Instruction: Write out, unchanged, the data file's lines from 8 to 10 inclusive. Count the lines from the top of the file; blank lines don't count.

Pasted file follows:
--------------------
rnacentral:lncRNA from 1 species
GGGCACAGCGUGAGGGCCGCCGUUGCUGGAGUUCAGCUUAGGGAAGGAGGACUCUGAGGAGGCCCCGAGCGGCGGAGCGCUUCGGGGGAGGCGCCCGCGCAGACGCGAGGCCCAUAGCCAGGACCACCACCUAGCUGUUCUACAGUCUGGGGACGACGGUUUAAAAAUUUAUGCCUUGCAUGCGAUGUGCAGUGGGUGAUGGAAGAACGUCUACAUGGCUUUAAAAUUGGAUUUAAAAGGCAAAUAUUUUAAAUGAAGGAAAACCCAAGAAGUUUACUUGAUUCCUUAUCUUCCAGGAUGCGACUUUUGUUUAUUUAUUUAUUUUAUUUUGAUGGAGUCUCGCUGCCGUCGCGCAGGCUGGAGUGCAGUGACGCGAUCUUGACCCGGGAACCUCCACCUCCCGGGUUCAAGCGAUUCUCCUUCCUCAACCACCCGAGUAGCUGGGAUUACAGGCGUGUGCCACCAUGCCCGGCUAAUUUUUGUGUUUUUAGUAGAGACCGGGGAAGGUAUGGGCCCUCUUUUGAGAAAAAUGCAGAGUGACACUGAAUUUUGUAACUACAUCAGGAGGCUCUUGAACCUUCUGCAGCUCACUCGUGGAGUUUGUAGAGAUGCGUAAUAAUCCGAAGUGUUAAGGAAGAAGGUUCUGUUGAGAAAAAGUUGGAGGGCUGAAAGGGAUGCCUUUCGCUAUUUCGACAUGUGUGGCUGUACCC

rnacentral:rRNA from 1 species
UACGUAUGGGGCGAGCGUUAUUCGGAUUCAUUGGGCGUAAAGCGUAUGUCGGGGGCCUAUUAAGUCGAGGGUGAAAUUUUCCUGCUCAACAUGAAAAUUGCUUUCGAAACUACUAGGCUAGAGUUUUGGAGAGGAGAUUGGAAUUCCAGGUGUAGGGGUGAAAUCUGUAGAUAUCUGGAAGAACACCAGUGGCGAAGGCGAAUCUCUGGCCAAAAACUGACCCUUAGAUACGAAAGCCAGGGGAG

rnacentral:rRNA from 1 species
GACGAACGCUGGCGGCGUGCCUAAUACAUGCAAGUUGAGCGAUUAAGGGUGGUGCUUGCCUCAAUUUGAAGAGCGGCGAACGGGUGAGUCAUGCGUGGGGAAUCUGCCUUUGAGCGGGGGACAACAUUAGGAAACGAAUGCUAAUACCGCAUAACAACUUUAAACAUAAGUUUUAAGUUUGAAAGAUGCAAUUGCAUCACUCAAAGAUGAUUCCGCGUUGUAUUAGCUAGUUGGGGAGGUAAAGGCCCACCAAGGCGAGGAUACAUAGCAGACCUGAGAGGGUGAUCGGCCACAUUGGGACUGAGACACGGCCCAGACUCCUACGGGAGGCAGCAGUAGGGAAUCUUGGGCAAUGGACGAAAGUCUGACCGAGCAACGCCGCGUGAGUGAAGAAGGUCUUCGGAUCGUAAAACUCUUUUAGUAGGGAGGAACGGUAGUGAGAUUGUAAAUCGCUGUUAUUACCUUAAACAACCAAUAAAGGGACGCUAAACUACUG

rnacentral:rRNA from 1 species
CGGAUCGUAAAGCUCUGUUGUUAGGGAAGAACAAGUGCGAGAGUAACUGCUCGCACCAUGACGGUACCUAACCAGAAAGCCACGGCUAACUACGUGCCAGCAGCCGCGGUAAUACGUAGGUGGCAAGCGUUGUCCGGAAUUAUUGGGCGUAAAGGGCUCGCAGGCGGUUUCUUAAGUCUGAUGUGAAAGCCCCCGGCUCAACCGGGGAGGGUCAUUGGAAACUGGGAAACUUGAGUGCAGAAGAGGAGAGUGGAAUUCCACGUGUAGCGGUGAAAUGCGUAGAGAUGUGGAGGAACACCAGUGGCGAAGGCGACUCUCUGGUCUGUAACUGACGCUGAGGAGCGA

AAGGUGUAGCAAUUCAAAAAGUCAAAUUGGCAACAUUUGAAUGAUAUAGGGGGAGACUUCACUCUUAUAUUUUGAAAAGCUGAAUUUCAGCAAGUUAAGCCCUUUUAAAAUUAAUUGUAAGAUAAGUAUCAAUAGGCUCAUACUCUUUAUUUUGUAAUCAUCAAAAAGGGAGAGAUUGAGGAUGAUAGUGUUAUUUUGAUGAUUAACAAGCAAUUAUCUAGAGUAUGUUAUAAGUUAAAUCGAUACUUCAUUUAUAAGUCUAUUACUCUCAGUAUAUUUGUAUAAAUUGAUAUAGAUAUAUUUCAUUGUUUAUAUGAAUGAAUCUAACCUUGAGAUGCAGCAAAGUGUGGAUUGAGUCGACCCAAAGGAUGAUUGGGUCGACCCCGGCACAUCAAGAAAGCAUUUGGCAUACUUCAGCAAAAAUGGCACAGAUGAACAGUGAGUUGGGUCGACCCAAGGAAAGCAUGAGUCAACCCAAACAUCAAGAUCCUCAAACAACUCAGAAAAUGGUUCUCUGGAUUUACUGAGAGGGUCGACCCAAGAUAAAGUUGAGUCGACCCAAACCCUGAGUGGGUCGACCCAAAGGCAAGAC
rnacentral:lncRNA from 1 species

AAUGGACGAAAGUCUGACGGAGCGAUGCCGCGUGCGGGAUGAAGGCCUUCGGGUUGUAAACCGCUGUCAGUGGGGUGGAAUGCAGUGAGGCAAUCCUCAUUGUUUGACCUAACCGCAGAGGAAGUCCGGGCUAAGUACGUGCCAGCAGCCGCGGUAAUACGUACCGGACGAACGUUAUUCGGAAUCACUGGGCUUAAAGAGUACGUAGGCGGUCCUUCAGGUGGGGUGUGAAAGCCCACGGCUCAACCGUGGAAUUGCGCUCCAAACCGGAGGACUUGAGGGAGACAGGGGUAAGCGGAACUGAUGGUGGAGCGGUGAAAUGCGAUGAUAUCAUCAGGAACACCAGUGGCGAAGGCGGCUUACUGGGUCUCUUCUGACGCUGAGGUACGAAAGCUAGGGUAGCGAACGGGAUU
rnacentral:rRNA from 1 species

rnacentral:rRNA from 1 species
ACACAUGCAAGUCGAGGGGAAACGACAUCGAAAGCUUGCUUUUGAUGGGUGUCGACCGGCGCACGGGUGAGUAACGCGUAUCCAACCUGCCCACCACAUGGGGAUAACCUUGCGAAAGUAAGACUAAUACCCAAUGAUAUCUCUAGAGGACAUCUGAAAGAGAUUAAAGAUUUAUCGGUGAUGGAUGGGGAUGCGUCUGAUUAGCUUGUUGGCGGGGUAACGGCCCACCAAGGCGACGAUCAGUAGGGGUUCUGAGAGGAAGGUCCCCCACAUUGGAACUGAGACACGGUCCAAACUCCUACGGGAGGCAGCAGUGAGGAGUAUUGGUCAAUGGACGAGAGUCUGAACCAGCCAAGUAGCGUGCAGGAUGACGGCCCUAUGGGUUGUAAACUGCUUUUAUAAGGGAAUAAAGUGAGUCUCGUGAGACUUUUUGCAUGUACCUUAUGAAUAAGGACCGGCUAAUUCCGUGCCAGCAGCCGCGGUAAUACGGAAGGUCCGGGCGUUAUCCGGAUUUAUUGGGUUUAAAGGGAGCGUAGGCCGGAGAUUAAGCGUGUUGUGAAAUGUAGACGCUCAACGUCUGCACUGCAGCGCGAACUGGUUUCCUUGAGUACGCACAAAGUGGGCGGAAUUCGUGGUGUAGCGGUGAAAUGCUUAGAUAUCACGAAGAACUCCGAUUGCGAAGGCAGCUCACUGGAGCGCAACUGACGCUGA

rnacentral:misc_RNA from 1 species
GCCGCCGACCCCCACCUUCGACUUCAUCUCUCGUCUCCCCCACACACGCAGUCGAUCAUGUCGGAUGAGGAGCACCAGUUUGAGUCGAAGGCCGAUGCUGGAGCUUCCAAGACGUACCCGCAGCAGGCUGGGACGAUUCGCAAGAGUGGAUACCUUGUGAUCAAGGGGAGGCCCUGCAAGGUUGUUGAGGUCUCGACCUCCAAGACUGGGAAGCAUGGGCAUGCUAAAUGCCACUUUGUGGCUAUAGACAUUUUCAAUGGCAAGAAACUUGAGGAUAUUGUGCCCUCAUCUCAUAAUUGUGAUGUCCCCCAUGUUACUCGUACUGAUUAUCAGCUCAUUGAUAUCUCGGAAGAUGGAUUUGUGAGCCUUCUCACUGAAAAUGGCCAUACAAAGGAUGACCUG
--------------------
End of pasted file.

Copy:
CGGAUCGUAAAGCUCUGUUGUUAGGGAAGAACAAGUGCGAGAGUAACUGCUCGCACCAUGACGGUACCUAACCAGAAAGCCACGGCUAACUACGUGCCAGCAGCCGCGGUAAUACGUAGGUGGCAAGCGUUGUCCGGAAUUAUUGGGCGUAAAGGGCUCGCAGGCGGUUUCUUAAGUCUGAUGUGAAAGCCCCCGGCUCAACCGGGGAGGGUCAUUGGAAACUGGGAAACUUGAGUGCAGAAGAGGAGAGUGGAAUUCCACGUGUAGCGGUGAAAUGCGUAGAGAUGUGGAGGAACACCAGUGGCGAAGGCGACUCUCUGGUCUGUAACUGACGCUGAGGAGCGA

AAGGUGUAGCAAUUCAAAAAGUCAAAUUGGCAACAUUUGAAUGAUAUAGGGGGAGACUUCACUCUUAUAUUUUGAAAAGCUGAAUUUCAGCAAGUUAAGCCCUUUUAAAAUUAAUUGUAAGAUAAGUAUCAAUAGGCUCAUACUCUUUAUUUUGUAAUCAUCAAAAAGGGAGAGAUUGAGGAUGAUAGUGUUAUUUUGAUGAUUAACAAGCAAUUAUCUAGAGUAUGUUAUAAGUUAAAUCGAUACUUCAUUUAUAAGUCUAUUACUCUCAGUAUAUUUGUAUAAAUUGAUAUAGAUAUAUUUCAUUGUUUAUAUGAAUGAAUCUAACCUUGAGAUGCAGCAAAGUGUGGAUUGAGUCGACCCAAAGGAUGAUUGGGUCGACCCCGGCACAUCAAGAAAGCAUUUGGCAUACUUCAGCAAAAAUGGCACAGAUGAACAGUGAGUUGGGUCGACCCAAGGAAAGCAUGAGUCAACCCAAACAUCAAGAUCCUCAAACAACUCAGAAAAUGGUUCUCUGGAUUUACUGAGAGGGUCGACCCAAGAUAAAGUUGAGUCGACCCAAACCCUGAGUGGGUCGACCCAAAGGCAAGAC
rnacentral:lncRNA from 1 species